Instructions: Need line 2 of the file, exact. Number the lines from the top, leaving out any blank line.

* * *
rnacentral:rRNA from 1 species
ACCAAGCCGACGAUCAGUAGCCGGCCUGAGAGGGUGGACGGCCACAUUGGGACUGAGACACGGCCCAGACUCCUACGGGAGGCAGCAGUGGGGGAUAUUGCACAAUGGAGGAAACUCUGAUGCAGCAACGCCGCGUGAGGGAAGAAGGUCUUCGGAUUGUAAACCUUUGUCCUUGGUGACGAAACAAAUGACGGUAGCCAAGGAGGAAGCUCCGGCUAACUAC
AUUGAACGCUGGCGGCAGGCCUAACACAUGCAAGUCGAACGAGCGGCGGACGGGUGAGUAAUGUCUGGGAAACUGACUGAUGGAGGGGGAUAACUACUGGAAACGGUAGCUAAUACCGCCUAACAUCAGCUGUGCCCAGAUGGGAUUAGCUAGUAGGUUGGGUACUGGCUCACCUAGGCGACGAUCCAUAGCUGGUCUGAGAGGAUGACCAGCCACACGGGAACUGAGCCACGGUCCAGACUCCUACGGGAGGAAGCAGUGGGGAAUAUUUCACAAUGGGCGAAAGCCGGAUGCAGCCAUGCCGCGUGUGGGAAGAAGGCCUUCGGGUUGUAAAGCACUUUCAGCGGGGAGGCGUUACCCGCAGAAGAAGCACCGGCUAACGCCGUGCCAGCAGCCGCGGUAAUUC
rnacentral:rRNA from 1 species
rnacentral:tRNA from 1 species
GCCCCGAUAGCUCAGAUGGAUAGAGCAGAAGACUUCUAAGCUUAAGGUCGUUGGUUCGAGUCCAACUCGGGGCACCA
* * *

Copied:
ACCAAGCCGACGAUCAGUAGCCGGCCUGAGAGGGUGGACGGCCACAUUGGGACUGAGACACGGCCCAGACUCCUACGGGAGGCAGCAGUGGGGGAUAUUGCACAAUGGAGGAAACUCUGAUGCAGCAACGCCGCGUGAGGGAAGAAGGUCUUCGGAUUGUAAACCUUUGUCCUUGGUGACGAAACAAAUGACGGUAGCCAAGGAGGAAGCUCCGGCUAACUAC